'True Blood' review: 'Hitting the Ground' running and bleeding
The fast and furious edition of True Blood this week was directed by one of my favorite Blood directors, John Dahl (Red Rock West, The Last Seduction), and it was a week of death, change, and puzzlement.
SPOILER ALERT: DON’T READ FURTHER IF YOU DON’T WANT TO KNOW WHAT HAPPENED ON THIS WEEK’S 'TRUE BLOOD'.
In the manner of ruthless surprise that suits this series best, Lorena was dispatched before the opening credits, killed by Sookie in an attempt to save Bill. Disappearing in a crimson grizzle-spray, Lorena entered the True Blood Hall of Infamy as Alcide and Tara arrived to rescue Sookie. The werewolves were fast approaching, but she wouldn’t leave without her Bill.
Taking a saw and slitting her arm to let Bill feed on her, Sookie fell prey to Bill’s baser instincts. Beginning to revive, he showed not gratefulness but an uncontrollable desire to suck her even drier, in an appropriately repulsive scene that rendered blood-sucking a metaphor for rape, and which landed Sookie in a coma, in a hospital, with a nurse informing her next of kin (that would be Jason) that Sookie has no blood type, and rejects any transfusion.
It was a reasonably triumphant week for Sam, who confirmed that Tommy was being used as a pit-bull in some backwoods dog-fights. Sam freed the dogs and rescued Tommy from a mauling, then chewed out the Mickens for being such lousy parents.
The two major scenes this week brought revelation and confusion — at least they did for me. The vision Sookie has while in a coma, that glowing glimpse of a paradise that looked like some cross between a commercial for butter and one for an anti-depressant: What the hell was that all about? (Whenever something inexplicably gloppy pops up on this show, I always suspect it’s something taken from Charlaine Harris’ source-books, but maybe I’m wrong.) Claudine warning her not to “go back,” that Bill will “take her light” — was this female figure the source of Sookie’s powers, telling her that death would be better than resuming life in Bill’s “darkness”?
Thank goodness the night’s other big set-piece finally brought resolution to the now-weeks-long torture of Pam. Assembling Eric, the Queen, Russell, and the Magister in Fangtasia was a summit meeting of Evil. After watching Magister get ready to pierce poor chained-down Pam’s eyelids with his silver Tiffany rings, it was satisfying to see Russell take command of the joint. He had Eric and the Queen under his command, and after a lot of gas-baggery about “the Authority,” Russell pulled that nice trick of having Pam and Magister swap places: Pam freed in a flash, Magister in chains.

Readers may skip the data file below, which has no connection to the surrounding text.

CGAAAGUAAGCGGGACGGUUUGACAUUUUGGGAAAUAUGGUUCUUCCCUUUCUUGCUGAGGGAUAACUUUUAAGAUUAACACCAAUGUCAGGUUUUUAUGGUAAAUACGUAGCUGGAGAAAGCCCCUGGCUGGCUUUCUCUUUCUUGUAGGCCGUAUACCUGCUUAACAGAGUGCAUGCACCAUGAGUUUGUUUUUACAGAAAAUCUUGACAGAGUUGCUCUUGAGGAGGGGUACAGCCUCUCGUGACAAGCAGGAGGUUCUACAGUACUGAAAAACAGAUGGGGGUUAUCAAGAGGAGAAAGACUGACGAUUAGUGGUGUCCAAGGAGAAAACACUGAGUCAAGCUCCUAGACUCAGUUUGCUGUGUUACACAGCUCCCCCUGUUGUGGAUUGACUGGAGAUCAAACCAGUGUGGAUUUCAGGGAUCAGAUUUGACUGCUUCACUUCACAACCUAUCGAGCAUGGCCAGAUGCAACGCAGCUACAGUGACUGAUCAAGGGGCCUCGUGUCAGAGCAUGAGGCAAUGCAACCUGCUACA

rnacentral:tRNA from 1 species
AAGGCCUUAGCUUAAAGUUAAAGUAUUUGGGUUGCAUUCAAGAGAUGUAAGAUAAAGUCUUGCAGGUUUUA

The night ended with a double scream: Sookie upon emerging from her coma, and Magister just before Russell lopped off his head. That made two characters dead in one hour, and Magister’s thumping skull helped explain the episode’s title, “Hitting the Ground,” as something more than just the rest of our heroes hitting the ground running. (Great use of the PJ Harvey song of the same name over the closing credits.)
It was all tremendously exciting — the pace was amazing. And the episode was something of a gigantic info-dump, with all sorts of new details to savor and unravel in future hours. This season may not be taking the time to limn characters as vividly as it did last season with the lush, languid treatment Maryann received, but it sure has a momentum that’s exhilarating.
Stray silver bullet points:
• So Bill won’t burn to a crisp in sunlight anymore, now that he’s filled with Sookie’s blood. Let’s not let Bill become too normal, shall we?
• Jason’s wooing of Crystal (unseen in this episode) slowed the hour a bit; his interrogation of her jailed cousin was just a dollop of information to keep this sub-plot in readiness for another week.
• Do we care about Hoyt and Summer as a new romantic couple? The show will have to send me a basket of Summer’s biscuits before I’m persuaded this is interesting…
• Jessica, I missed you this week.
• Line of the week, from Jason: “Never thought I was smart enough to be depressed.”